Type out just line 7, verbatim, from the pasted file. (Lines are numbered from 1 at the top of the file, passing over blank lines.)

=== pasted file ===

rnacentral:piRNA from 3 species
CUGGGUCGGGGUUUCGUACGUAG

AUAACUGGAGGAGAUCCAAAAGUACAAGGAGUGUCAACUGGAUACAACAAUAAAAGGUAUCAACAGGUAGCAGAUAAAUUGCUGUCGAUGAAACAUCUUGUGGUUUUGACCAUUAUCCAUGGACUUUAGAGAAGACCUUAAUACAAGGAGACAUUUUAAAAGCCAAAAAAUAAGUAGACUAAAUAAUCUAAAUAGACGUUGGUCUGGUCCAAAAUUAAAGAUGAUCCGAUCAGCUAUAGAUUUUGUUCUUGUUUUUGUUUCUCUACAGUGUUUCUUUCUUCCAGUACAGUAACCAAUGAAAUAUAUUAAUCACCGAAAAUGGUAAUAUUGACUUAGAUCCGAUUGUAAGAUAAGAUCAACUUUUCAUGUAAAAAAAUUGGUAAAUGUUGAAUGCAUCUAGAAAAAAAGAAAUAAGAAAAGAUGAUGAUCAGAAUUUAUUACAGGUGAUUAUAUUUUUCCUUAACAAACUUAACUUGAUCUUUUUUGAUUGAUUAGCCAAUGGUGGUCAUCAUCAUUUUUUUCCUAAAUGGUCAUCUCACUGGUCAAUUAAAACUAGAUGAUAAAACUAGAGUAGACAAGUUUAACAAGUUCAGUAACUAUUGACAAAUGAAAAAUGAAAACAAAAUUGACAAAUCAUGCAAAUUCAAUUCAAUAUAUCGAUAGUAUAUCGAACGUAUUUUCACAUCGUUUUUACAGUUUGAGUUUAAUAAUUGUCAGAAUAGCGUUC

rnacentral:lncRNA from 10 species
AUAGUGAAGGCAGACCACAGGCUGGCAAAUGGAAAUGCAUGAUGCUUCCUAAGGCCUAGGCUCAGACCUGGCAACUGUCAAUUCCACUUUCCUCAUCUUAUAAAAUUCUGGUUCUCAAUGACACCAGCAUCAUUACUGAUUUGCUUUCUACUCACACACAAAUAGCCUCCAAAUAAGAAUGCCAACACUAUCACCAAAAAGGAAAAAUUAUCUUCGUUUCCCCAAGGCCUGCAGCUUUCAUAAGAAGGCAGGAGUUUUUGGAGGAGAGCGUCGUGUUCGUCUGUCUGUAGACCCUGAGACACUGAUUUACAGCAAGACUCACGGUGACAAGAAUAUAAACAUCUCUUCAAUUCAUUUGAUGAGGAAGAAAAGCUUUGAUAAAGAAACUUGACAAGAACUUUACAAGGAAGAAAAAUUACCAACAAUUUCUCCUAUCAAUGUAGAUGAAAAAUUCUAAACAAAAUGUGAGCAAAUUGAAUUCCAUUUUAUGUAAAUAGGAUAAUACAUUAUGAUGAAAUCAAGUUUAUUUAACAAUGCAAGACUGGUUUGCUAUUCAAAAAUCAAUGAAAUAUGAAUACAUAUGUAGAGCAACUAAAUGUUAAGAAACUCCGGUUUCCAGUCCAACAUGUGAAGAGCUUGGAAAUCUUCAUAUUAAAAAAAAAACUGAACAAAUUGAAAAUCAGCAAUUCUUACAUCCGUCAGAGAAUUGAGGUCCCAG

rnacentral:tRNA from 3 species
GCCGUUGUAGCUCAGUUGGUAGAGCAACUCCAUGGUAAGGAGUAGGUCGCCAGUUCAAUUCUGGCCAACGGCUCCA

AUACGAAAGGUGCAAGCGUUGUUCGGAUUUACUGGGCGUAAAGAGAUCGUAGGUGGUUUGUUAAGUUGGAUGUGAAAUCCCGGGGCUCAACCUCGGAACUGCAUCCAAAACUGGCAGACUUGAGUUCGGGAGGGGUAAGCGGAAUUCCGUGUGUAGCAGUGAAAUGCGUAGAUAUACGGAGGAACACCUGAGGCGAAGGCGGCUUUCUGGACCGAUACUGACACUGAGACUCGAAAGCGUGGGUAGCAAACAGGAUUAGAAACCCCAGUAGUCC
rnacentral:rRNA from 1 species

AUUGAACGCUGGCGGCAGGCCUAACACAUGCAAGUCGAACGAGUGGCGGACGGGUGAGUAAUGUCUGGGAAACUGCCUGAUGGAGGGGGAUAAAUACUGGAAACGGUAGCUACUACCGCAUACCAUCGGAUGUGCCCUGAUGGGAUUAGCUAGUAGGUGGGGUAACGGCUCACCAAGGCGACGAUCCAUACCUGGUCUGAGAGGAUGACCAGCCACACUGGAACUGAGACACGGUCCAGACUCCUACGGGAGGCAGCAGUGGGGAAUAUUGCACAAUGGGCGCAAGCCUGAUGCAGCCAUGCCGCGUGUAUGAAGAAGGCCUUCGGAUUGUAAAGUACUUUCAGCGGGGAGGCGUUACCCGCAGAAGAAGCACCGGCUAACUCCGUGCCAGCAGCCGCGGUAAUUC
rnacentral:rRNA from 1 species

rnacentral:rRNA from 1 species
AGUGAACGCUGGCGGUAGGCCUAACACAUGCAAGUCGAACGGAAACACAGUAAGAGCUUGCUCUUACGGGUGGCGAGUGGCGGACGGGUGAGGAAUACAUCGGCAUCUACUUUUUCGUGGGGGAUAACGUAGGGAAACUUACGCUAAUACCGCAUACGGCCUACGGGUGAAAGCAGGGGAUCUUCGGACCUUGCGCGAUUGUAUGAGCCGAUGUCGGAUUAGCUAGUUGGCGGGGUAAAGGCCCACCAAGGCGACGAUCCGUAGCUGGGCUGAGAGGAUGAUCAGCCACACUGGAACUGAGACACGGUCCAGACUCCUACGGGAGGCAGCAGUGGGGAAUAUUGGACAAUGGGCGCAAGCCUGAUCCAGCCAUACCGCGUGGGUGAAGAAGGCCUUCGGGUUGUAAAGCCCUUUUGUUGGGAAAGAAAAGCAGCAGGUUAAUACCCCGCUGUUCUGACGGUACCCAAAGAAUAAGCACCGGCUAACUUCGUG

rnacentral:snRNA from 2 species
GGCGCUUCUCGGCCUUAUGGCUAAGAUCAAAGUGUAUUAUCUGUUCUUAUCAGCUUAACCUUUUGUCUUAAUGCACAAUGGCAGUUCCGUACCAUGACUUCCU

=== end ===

GCCGUUGUAGCUCAGUUGGUAGAGCAACUCCAUGGUAAGGAGUAGGUCGCCAGUUCAAUUCUGGCCAACGGCUCCA